TANZANIAN Judge James Kateka of the International Tribunal for the Law of the Sea (ITLOS) has called for enactment of stiff legislation to deter illegal fishing activities which have adverse impact in the country's economy.
Addressing Advocates and Maritime Law Professional at the Dar es Salaam Maritime Institute (DMI) in the city yesterday, Judge Kateka said that he was aware of the punishment or penalty provided for under Tanzania's laws for violations of the fishing laws of the coastal state.
However, Judge Kateka, who is the former Ambassador to Germany, Russian Federation and Sweden, was quick to point out that "owing to the seriousness of the violations of fishing laws of the coastal state, it has become necessary to deter illegal, unreported and unregulated fishing by enacting stiff legislation."
Under the Tanzania's Territorial Sea and Exclusive Economic Zone Act, 1989, in particular section 10(3), it is provided for a fine of 250,000 US dollars or imprisonment for a term not exceeding five years or both for violations of fishing regulations.
Giving his experience on the International Tribunal's mandate, where he is currently working with, Judge Kateka pointed out that the ITLOS jurisprudence has centered mainly on fisheries disputes, cases being on prompt release of vessels, provisional measures, advisory opinion and the merits.
According to him, the nine cases on prompt release under Article 292 and Article 73 of the Convention on the Law of the Sea have been on the arrest of fishing vessels and such cases on release of vessels and crew have been without prejudice to the merits of any case before the appropriate domestic forum.
He pointed out further that the ITLOS has made important pronouncements on such kind of proceedings, which also concerned vessels fishing without authorisation and oil tankers supplying fuel oils without authorisation, notably the question of bunkering.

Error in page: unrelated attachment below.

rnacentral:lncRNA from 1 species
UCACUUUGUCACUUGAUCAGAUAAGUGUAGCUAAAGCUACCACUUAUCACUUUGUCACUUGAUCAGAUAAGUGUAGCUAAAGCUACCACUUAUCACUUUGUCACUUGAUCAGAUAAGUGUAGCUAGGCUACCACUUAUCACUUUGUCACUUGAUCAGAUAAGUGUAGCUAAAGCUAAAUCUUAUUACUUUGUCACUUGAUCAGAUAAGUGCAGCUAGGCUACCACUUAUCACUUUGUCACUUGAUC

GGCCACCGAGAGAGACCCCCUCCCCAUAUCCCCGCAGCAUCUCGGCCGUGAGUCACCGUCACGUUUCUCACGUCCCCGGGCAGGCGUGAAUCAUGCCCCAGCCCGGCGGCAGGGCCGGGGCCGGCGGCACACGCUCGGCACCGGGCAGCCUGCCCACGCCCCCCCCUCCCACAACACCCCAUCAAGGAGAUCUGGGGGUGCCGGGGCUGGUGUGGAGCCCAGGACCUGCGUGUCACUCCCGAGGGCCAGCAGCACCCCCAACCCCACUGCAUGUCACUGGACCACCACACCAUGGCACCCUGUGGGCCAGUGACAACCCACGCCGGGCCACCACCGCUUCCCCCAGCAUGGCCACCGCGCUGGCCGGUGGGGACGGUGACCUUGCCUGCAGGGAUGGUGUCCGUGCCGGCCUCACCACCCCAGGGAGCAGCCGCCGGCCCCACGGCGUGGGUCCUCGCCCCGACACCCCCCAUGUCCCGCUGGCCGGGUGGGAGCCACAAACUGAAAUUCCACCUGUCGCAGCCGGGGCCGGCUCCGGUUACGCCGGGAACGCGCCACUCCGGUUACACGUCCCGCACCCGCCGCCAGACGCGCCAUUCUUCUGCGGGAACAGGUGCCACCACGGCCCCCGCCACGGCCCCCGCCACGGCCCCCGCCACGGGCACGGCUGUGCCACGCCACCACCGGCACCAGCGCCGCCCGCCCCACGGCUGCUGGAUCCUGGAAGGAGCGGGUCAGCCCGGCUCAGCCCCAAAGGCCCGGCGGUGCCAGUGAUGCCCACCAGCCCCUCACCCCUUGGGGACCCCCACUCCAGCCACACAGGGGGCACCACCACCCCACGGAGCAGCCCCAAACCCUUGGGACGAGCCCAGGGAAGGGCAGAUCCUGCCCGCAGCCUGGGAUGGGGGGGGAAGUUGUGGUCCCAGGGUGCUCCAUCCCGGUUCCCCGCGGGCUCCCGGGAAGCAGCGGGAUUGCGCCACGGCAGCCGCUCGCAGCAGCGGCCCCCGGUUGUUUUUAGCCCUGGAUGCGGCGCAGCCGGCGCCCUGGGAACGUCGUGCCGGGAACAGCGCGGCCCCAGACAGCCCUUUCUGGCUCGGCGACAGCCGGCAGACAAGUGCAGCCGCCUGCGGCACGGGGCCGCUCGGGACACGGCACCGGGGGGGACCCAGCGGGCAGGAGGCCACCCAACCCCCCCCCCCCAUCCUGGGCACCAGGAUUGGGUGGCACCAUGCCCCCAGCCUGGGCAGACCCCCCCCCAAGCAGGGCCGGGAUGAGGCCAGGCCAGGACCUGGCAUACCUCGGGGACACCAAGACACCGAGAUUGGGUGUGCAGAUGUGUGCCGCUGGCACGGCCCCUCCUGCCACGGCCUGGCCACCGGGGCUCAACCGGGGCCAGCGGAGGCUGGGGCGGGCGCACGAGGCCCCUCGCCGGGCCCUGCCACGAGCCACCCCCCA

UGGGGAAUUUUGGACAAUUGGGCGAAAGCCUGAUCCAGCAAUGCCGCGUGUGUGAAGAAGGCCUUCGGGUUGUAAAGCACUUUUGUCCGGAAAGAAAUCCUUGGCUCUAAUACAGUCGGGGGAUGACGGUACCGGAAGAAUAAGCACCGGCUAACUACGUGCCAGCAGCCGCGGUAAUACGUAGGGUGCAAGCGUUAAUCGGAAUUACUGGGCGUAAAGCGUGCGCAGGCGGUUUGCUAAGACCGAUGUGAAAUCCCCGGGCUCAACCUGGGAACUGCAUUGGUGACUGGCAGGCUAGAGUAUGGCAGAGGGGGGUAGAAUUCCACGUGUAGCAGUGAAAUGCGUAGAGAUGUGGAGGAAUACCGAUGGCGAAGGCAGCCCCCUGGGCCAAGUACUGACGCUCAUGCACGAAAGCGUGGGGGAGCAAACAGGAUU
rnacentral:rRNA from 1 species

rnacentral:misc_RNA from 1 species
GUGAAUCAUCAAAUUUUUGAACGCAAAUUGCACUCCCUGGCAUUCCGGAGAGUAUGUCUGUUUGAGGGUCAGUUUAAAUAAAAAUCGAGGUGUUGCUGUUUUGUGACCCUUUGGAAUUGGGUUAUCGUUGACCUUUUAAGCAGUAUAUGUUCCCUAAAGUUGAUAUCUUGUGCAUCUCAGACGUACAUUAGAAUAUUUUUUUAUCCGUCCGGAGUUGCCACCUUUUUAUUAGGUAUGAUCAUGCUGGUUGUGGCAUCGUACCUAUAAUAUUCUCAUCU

Judge Kateka disclosed among important pronouncements made by the Tribunal in prompt release cases as the non-admissibility of submissions concerning the alleged violations of Article 73 of the Convention, which prohibits detaining state of a vessel from imprisoning offenders.
"A similar problem arises with regard to confiscation of ships, whether fishing vessels or oil tankers.
Confiscation is not provided for among the penalties listed in Article 73 and other provisions of the Convection for violations such as marine pollution," he said.
Some of the commentators, he said, have argued that confiscation was implicitly permitted.
However, the judge said, by the Convention excluding penalties of imprisonment and corporal punishment, drafters would have stated in certain terms had they intended to exclude confiscation.
Ambassador Kateka is a Tanzanian Judge at the International Tribunal situated in Hamburg, Germany since 2005 to date.
The ITLOS is a fairly young court, with slightly over 20 years. Its workload is still limited when compared to the International Court of Justice (ICJ), which has existed for over 70 years.
The Tribunal has compulsory residual power to deal with the prompt release of vessels and crew upon the payment of a reasonable bond or other financial security.
It also has residual compulsory competence for prescribing provisional measures pending the constitution of the arbitral tribunal.
It is stated that the ITLOS has made a significant contribution to the law of the sea through its interpretation and application of the Convention.
This judicial body has helped in bringing predictability and stability in the area of the law of the sea.